Let's start with when a toddler and a baby share a bedroom. This parent has made the room comfortable for both children while creating a bit of separate space for the older child. The blackboard over the toddler's bed gives him a healthy and safe way to express how he is feeling, while marking that part of the room as his alone. Walls painted different colors delineate whose space is whose while adding color and fun to the decorating scheme.
If you use a dresser like this to change diapers on, consider engineering a guardrail for the outside edge. Babies have a habit of deciding to turn over willy-nilly, without regard for their own safety.
On the other hand, if you have twins or children very close in age, separation is probably not what they want. Two of my grandchildren are identical twins, and they are joined at the hip, figuratively speaking. Alyssa and Alexis are each other's best friend, confidante and playmate. They want to be together all the time. This is often true as well for children who are very close in age. When you create a shared room in these situations, you'll want an open, we-like-being-together feeling.
If you have more than two children sharing a room, this ingenious arrangement of bunk beds is a terrific solution. Building them into the corner makes maximum use of the floor space, while adding the cubby at the head of each bed guarantees every child a private nook. Bookshelves add an important dimension while also providing a bit more separation between the beds — and thus between the children.
If the shared bedroom is small, gain extra space by building up. Here a play loft has been created over the beds, adding considerably to the available area. It has the added perk of giving children an "away" space to go to if they want some time on their own. Let's just hope both kids don't want to use their away space at the same time, or they'll have a great opportunity to learn about conflict resolution.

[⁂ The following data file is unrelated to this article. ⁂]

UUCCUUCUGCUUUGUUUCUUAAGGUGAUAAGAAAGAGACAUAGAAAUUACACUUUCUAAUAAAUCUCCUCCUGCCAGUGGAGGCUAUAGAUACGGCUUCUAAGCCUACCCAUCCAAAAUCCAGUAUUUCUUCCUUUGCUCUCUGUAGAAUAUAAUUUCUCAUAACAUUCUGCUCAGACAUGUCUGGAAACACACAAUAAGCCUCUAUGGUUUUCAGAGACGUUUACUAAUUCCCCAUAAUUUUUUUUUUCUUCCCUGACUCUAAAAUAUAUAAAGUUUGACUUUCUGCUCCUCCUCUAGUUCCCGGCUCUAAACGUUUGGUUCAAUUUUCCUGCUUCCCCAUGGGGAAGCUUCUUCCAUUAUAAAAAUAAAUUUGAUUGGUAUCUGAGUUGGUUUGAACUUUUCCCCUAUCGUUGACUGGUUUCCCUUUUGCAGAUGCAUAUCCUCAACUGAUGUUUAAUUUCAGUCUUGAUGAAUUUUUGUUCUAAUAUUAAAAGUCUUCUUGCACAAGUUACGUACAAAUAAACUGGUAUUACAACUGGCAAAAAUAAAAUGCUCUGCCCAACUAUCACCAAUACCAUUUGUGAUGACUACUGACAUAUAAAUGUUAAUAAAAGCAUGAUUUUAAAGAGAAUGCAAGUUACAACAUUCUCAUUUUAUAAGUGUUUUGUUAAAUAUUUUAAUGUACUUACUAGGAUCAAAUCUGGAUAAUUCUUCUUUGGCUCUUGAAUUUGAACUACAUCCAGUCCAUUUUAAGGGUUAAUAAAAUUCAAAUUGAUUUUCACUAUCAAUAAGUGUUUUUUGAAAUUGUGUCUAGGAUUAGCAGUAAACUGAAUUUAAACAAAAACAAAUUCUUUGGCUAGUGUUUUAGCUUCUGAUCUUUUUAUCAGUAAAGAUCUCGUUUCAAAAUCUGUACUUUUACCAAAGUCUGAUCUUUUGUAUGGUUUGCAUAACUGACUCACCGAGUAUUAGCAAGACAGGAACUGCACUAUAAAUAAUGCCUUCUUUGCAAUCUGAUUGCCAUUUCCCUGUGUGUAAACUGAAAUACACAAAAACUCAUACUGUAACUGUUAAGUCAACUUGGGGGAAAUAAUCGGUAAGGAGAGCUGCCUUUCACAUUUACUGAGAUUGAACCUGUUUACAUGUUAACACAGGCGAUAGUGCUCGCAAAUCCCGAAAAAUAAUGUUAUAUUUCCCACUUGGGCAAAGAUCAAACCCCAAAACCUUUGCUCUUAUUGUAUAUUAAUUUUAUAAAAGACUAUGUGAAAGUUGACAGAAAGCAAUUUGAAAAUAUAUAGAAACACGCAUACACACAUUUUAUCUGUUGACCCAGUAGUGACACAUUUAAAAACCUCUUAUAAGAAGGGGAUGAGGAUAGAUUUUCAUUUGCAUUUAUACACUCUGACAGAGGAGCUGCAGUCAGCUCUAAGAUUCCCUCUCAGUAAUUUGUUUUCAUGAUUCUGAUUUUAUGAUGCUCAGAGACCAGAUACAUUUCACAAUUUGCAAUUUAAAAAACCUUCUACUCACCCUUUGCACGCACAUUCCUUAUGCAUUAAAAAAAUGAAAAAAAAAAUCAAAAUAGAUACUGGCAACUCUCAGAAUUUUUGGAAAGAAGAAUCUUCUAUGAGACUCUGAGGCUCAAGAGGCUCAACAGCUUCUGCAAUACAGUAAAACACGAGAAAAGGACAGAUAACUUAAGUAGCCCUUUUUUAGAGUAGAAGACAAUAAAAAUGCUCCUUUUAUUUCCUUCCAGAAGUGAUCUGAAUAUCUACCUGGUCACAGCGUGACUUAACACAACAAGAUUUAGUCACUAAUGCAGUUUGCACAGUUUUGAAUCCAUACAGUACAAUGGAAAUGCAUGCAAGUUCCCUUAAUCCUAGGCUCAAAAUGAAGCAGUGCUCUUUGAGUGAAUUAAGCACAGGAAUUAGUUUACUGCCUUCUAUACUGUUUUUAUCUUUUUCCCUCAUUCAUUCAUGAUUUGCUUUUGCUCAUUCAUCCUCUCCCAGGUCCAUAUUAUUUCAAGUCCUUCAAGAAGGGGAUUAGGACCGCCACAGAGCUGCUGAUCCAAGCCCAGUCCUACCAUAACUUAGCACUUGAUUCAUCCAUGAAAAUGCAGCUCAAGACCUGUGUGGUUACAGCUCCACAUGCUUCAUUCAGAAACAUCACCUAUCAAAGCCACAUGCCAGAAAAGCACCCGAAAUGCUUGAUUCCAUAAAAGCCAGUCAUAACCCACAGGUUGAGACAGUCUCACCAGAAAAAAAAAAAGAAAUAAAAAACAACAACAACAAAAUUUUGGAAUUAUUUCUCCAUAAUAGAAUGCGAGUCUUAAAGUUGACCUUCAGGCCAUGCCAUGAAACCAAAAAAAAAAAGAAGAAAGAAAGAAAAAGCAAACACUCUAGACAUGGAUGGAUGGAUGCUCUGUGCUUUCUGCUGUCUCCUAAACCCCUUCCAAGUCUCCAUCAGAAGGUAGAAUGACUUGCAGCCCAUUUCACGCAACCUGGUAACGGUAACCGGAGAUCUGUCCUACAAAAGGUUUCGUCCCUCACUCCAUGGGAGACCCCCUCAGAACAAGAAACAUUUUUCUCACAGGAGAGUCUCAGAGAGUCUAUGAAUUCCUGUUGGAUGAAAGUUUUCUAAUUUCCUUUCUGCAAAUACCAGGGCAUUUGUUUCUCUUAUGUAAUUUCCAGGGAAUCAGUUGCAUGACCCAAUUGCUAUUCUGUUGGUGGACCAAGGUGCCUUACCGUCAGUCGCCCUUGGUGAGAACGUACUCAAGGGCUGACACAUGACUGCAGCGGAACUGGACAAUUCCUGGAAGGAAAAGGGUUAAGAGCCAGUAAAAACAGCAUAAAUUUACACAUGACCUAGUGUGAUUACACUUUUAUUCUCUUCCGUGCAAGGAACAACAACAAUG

And then there are the desks, which seem more necessary then ever these days. I am astounded by how much homework my three first-grade grandchildren have. Memory certainly dims, but I'm adamant that my sons' homework load was nowhere near what their children are bringing home. (OK, maybe they just never did theirs, but that's beside the point.)
The twins would joyously embrace this desk arrangement, with its two identical chairs and shared workspace. GatorGrid metal pegboards, hung over a desk like this, are a versatile and child-friendly solution to storage and display needs, and the color choices are awesome.
More: Oh, Baby! 12 Ideas to Get a Chic Nursery Rolling